Last updated on February 2018

-Cell Function and Glycemic Control in Newly Diagnosed Type 2 Diabetic Patients With Moderate Hyperglycemia


Brief description of study

We have found that a 6-month course of insulin therapy after a short-term intensive insulin therapy could shorten the period of hyperglycemia to preserve -cell function and further improve long-term glycemic control in recently diagnosed type 2 diabetes with severe hyperglycemia (>300 mg/dl, with HBA1C level around 9-11%) in our previous study. We thus hypothesized that a 6-month course of basal insulin therapy could also help to preserve -cell function in newly diagnosed type 2 diabetes with moderate hyperglycemia (200-300 mg/dl). This prospective study is outpatient-based to evaluate whether 6-month basal insulin therapy versus oral anti-diabetic treatment (Metformin and sitagliptin) soon after the diagnosis of type 2 diabetes with moderate hyperglycemia (200-300 mg/dl) is associated with better -cell function reservation. We skip a short-term intensive admission course of insulin therapy as our previous study in newly diagnosed type 2 diabetes with severe hyperglycemia.

Detailed Study Description

-Cell dysfunction and decreased insulin sensitivity are the main pathophysiological defects responsible for the development of hyperglycemia. There is a progressive deterioration in -cell function and mass in type 2 diabetics. Optimal metabolic control, especially early intensive glycemic control, plays a role in the prevention of progressive -cell dysfunction and possibly destruction of the -cells with worsening of diabetes.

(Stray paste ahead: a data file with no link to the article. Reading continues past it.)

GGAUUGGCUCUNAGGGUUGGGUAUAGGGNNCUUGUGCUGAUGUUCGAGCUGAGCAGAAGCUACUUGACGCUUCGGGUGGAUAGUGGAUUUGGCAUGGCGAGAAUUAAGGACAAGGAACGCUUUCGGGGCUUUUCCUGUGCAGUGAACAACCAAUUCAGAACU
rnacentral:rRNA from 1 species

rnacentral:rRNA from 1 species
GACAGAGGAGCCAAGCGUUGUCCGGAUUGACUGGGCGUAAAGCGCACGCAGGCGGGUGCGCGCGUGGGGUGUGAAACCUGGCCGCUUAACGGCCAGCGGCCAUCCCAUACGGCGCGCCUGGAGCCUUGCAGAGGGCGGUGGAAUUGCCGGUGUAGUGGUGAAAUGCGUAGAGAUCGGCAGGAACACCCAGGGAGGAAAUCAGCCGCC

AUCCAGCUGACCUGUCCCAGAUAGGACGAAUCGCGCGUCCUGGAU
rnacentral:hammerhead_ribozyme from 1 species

We have found that a 6-month course of insulin therapy after a short-term intensive insulin therapy could shorten the period of hyperglycemia to preserve -cell function and further improve long-term glycemic control in recently diagnosed type 2 diabetes with severe hyperglycemia (>300 mg/dl, with HBA1C level around 9-11%) in our previous study. We thus hypothesized that a 6-month course of basal insulin therapy could also help to preserve -cell function in newly diagnosed type 2 diabetes with moderate hyperglycemia (200-300 mg/dl). This prospective study is outpatient-based to evaluate whether 6-month basal insulin therapy versus oral anti-diabetic treatment (Metformin and sitagliptin) soon after the diagnosis of type 2 diabetes with moderate hyperglycemia (200-300 mg/dl) is associated with better -cell function reservation. We skip a short-term intensive admission course of insulin therapy as our previous study in newly diagnosed type 2 diabetes with severe hyperglycemia.

This study also can assess what readily available parameter would predict which patients will achieve long-term successful glycemic control after correction of glucose toxicity.

Our results will provide evidence that a 6-month course of basal insulin therapy could shorten the exposure to moderate hyperglycemia and further improve beta-cell function to achieve long-term glycemic control.

Clinical Study Identifier: NCT01717911

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Recruitment Status: Open


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